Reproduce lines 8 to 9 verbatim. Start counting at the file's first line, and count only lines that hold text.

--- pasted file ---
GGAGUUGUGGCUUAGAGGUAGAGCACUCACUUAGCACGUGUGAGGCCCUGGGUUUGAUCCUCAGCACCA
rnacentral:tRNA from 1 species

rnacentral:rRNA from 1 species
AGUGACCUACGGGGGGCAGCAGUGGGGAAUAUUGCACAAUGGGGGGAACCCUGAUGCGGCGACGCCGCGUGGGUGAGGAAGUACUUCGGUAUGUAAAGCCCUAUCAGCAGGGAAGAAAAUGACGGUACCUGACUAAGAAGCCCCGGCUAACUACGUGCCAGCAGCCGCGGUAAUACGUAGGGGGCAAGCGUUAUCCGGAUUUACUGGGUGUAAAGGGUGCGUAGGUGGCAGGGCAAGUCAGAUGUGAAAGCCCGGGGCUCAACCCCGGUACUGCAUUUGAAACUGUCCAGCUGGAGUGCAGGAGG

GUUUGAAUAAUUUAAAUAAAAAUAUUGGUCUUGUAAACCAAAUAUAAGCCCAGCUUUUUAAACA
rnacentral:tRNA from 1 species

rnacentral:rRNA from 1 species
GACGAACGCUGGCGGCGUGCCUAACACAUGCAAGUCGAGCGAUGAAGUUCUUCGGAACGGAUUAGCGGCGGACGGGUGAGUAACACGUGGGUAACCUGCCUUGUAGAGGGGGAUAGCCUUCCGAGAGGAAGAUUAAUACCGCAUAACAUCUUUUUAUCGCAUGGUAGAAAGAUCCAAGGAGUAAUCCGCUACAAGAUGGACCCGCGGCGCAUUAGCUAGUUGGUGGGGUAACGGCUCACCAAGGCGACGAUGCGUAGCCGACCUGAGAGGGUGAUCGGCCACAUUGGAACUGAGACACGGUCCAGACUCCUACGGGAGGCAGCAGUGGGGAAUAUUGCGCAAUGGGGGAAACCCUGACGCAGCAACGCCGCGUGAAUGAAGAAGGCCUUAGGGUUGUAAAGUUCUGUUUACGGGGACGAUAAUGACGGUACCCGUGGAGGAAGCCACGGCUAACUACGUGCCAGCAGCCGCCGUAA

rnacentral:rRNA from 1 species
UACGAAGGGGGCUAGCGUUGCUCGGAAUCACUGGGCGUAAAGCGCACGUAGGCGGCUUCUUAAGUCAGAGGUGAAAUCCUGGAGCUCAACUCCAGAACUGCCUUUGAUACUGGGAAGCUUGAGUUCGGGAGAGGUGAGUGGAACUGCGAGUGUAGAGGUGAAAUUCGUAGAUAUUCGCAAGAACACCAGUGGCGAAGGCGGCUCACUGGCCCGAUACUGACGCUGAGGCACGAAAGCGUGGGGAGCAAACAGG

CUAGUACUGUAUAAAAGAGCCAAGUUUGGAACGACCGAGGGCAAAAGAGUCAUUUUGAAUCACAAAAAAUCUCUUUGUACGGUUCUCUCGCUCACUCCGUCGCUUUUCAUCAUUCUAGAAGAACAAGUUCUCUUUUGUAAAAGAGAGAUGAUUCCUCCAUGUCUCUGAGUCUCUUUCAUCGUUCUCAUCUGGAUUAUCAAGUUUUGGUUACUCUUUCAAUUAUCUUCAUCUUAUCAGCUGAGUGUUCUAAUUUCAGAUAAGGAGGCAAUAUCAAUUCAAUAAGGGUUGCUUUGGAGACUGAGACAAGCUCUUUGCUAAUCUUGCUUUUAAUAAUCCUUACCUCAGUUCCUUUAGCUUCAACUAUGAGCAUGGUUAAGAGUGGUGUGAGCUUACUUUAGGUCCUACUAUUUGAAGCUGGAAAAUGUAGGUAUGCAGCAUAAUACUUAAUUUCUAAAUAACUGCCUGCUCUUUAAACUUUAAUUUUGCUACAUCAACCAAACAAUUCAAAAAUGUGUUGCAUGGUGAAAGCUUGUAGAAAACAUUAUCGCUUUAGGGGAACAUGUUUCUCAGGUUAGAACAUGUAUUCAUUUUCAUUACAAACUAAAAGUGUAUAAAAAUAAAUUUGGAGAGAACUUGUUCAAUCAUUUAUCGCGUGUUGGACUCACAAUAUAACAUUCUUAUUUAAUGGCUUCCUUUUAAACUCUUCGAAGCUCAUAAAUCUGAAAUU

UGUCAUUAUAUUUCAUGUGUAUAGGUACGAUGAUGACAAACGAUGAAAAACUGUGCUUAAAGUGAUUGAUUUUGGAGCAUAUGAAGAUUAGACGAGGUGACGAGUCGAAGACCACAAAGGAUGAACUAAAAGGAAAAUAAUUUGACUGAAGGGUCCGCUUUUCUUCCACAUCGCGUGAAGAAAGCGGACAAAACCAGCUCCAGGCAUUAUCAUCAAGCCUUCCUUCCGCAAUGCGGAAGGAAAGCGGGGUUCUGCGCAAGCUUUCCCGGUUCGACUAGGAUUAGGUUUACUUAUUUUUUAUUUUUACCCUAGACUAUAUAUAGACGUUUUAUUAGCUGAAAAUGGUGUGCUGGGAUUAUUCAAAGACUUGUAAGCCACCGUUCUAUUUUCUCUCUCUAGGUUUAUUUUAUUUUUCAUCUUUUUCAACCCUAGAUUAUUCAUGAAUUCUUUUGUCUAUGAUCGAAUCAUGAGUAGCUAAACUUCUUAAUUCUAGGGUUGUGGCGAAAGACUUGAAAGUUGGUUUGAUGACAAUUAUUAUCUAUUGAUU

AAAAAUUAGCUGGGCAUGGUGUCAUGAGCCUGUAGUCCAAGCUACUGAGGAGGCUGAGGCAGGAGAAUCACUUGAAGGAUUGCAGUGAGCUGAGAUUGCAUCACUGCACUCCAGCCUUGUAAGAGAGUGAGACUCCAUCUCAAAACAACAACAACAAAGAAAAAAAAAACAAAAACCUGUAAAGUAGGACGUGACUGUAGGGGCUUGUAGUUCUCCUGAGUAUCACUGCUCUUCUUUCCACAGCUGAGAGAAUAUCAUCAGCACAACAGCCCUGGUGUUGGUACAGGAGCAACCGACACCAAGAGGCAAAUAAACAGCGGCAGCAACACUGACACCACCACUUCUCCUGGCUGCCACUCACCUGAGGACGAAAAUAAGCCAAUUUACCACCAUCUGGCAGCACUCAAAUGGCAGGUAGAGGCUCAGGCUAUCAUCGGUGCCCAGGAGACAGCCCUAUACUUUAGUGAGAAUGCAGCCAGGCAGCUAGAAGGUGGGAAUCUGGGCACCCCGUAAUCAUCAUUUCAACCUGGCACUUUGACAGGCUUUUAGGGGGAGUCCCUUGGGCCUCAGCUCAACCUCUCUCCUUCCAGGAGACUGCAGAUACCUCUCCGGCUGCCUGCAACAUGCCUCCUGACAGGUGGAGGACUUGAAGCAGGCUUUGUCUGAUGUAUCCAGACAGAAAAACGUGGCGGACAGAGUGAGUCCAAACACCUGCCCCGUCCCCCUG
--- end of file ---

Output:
GACGAACGCUGGCGGCGUGCCUAACACAUGCAAGUCGAGCGAUGAAGUUCUUCGGAACGGAUUAGCGGCGGACGGGUGAGUAACACGUGGGUAACCUGCCUUGUAGAGGGGGAUAGCCUUCCGAGAGGAAGAUUAAUACCGCAUAACAUCUUUUUAUCGCAUGGUAGAAAGAUCCAAGGAGUAAUCCGCUACAAGAUGGACCCGCGGCGCAUUAGCUAGUUGGUGGGGUAACGGCUCACCAAGGCGACGAUGCGUAGCCGACCUGAGAGGGUGAUCGGCCACAUUGGAACUGAGACACGGUCCAGACUCCUACGGGAGGCAGCAGUGGGGAAUAUUGCGCAAUGGGGGAAACCCUGACGCAGCAACGCCGCGUGAAUGAAGAAGGCCUUAGGGUUGUAAAGUUCUGUUUACGGGGACGAUAAUGACGGUACCCGUGGAGGAAGCCACGGCUAACUACGUGCCAGCAGCCGCCGUAA

rnacentral:rRNA from 1 species